Marshall Medical Center health care experts encourage healthy lifestyle changes
PLACERVILLE — A study released this spring estimates that 50 percent
of El Dorado County adults, including one out of every three young people
ages 18-39, have undiagnosed diabetes or prediabetes, a precursor to life-threatening
type 2 diabetes. An additional 6 percent of the county’s population
already have been diagnosed with the disease.
El Dorado County’s figures are even more alarming than the overall
outlook for California: It’s estimated that 46 percent of the state’s
adults — more than 13 million people — have prediabetes or
undiagnosed diabetes, according to The UCLA Center for Health Policy Research study.
These numbers concern local health care providers, who point out that type
2 diabetes can lead to several life-threatening ailments.
“Most people don’t know that they are prediabetic, and aren’t
aware of the risks to their health such as heart attack, stroke, blindness
and amputation that often come with type 2 diabetes,” said Swetha
Mudunuri, MD, Marshall Family and Internal Medicine.
“Type 2 diabetes is preventable,” Mudunuri continued. “Lifestyle
changes — like losing weight, changing your diet and exercising
— can lower your blood glucose levels and even reverse prediabetes.
Diagnosis is key. It just takes a simple blood test to discover if you
are at risk for type 2 diabetes.”
“Making healthy lifestyle changes can be challenging,” added
Lisa Hartley, RN, a Certified Diabetes Educator and coordinator of Marshall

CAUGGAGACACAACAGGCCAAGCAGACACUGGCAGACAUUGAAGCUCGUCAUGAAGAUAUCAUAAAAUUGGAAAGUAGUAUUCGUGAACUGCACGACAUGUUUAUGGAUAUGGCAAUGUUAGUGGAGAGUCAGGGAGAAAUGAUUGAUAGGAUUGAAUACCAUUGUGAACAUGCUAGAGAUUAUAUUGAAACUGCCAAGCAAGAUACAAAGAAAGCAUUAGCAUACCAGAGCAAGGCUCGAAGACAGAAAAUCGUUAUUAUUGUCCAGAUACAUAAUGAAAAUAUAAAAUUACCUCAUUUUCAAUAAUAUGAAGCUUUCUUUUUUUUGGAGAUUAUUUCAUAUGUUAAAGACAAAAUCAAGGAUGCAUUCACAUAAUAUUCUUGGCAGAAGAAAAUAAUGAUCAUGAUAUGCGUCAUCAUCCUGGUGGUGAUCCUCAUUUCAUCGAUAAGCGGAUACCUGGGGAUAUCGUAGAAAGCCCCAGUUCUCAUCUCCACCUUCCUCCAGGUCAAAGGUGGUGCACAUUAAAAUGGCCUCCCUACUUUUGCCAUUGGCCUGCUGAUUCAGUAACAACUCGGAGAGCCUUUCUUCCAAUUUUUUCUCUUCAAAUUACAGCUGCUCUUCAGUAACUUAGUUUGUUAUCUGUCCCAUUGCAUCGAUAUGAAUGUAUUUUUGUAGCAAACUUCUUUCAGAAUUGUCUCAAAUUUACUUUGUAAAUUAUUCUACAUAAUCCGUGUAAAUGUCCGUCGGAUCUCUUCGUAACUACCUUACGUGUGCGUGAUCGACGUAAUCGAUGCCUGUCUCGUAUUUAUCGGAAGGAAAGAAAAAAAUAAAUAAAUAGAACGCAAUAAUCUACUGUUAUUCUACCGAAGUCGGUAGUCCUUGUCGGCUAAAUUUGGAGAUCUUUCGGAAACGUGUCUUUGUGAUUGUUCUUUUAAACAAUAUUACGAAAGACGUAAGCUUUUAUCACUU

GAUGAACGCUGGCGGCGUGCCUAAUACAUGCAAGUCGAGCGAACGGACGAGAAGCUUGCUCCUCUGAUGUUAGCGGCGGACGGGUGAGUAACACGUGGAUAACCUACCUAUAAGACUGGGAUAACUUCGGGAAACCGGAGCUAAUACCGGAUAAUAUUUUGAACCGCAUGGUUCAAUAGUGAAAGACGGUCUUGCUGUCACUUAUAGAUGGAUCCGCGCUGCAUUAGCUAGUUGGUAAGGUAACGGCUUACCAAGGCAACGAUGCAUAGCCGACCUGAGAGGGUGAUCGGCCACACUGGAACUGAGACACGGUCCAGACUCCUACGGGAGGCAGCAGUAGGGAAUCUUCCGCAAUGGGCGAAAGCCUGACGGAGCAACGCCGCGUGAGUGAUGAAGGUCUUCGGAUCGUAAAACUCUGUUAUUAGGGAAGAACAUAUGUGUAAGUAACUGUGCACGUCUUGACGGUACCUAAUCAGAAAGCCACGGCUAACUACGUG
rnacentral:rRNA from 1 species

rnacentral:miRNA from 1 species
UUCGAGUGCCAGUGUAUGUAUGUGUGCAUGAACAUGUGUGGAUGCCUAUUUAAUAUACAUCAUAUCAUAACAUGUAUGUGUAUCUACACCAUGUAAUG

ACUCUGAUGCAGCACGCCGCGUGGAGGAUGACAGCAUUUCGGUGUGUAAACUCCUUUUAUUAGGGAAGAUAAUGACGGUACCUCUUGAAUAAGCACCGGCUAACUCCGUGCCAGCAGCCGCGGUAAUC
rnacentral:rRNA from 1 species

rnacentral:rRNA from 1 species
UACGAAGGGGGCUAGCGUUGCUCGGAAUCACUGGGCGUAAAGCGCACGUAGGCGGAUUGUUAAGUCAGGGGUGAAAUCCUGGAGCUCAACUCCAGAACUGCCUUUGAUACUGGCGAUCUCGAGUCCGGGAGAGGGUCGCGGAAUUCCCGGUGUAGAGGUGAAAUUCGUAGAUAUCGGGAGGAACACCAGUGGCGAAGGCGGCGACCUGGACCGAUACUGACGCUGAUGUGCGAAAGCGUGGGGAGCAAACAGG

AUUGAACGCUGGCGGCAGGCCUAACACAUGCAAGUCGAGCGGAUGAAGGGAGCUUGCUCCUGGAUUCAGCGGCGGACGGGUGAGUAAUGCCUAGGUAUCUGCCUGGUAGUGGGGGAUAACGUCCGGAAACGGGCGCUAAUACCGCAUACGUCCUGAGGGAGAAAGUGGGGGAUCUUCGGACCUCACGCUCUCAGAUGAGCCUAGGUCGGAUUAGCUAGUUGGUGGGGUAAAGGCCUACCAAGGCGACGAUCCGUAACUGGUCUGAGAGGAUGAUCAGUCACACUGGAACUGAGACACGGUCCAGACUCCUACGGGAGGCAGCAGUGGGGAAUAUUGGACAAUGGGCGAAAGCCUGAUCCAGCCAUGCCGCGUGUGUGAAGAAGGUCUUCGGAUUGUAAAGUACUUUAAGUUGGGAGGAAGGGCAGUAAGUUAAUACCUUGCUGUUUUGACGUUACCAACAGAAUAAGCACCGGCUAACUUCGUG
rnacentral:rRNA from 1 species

Medical Center’s Diabetes and Nutrition Education Center in Cameron Park.
“It’s about taking small steps in the right direction. It takes
time, planning, understanding and support to be successful,” she
said, explaining the center’s team approach in assisting patients
in setting realistic and achievable goals to control diabetes.
One such patient, a 63-year-old man from Rescue, was able to self-manage
his diabetes by watching his diet and making a conscious decision to move
more each day. In seven months, he dropped nine pounds and lowered his
blood glucose levels to a healthy range.
“This patient’s goal was to avoid the need for medication,”
explained AJ Kenworthy, RN, a Certified Diabetes Educator and member of
the Diabetes and Nutrition Education team. “Everyone has to find
their personal motivators to get control of diabetes.”
Kenworthy points out that while many people require medication to control
diabetes, a healthy diet and regular exercise will allow them to use less
medication and reduces their risk for complications.
Diabetes educators help patients with their specialized knowledge in diabetes,
including self-management tools like diet and exercise, medication and
monitoring of blood glucose. They also serve as coaches who help with
goal setting, behavior change and motivation.
Medical specialists at Marshall’s Diabetes and Nutrition Education
Center are available for individual diabetes management and they offer
classes on healthy living with diabetes. The program is recognized by
the American Diabetes Association and services are most often covered
with a physician’s referral.
Hartley says the UCLA study points to the importance of reversing a dangerous
health trend. “The impact of diabetes is dramatic in terms of both
human suffering and socioeconomic costs,” she said, explaining that
people with prediabetes have a higher risk of cardiovascular disease and
stroke, and the risks increase as they develop type 2 diabetes.
Hartley is especially concerned about the incidence of prediabetes in the
18-39 age group.
“We know that if this age group doesn’t take steps to improve
their physical activity, diet and weight, there is a 70 percent chance
they will develop diabetes in their lifetime. We need to reverse this,”
she said. “As health care providers, we want people to achieve a
better quality of life, and have healthier communities overall.”
To see if you are at risk for diabetes, take the American Diabetes Association test on
Information about Marshall Medical Center’s Diabetes and Nutrition
Education Center: is available at
Details on the UCLA study are available at